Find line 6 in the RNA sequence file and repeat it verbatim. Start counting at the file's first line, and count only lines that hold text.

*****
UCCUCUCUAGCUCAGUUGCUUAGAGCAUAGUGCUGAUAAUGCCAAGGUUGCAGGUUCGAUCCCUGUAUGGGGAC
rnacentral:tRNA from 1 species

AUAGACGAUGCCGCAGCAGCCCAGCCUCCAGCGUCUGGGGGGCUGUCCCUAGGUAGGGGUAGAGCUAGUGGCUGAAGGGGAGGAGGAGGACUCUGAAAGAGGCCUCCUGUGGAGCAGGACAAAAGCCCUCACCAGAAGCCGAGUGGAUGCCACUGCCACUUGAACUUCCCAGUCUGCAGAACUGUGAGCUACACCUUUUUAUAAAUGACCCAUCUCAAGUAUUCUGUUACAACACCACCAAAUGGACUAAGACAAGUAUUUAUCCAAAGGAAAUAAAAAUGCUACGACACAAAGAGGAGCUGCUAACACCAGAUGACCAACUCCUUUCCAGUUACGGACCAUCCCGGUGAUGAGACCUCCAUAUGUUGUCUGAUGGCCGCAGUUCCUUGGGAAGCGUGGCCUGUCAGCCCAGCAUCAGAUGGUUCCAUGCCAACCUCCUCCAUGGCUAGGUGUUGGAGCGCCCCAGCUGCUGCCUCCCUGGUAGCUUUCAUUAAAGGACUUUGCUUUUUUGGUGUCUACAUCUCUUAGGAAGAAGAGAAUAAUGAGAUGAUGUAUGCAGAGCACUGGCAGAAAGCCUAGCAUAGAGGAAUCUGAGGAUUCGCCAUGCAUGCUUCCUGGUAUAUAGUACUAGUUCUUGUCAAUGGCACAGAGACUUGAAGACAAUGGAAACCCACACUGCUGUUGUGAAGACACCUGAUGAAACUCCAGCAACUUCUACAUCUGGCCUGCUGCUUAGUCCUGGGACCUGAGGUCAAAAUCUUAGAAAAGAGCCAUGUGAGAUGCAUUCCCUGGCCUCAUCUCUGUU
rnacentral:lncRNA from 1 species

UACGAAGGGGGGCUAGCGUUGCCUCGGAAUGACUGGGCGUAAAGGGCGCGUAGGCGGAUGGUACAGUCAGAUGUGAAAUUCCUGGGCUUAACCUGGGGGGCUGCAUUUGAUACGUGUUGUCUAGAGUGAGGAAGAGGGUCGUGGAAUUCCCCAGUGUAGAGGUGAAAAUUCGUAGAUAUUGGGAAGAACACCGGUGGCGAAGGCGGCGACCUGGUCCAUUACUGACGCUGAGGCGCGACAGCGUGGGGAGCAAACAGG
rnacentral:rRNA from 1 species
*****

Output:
rnacentral:rRNA from 1 species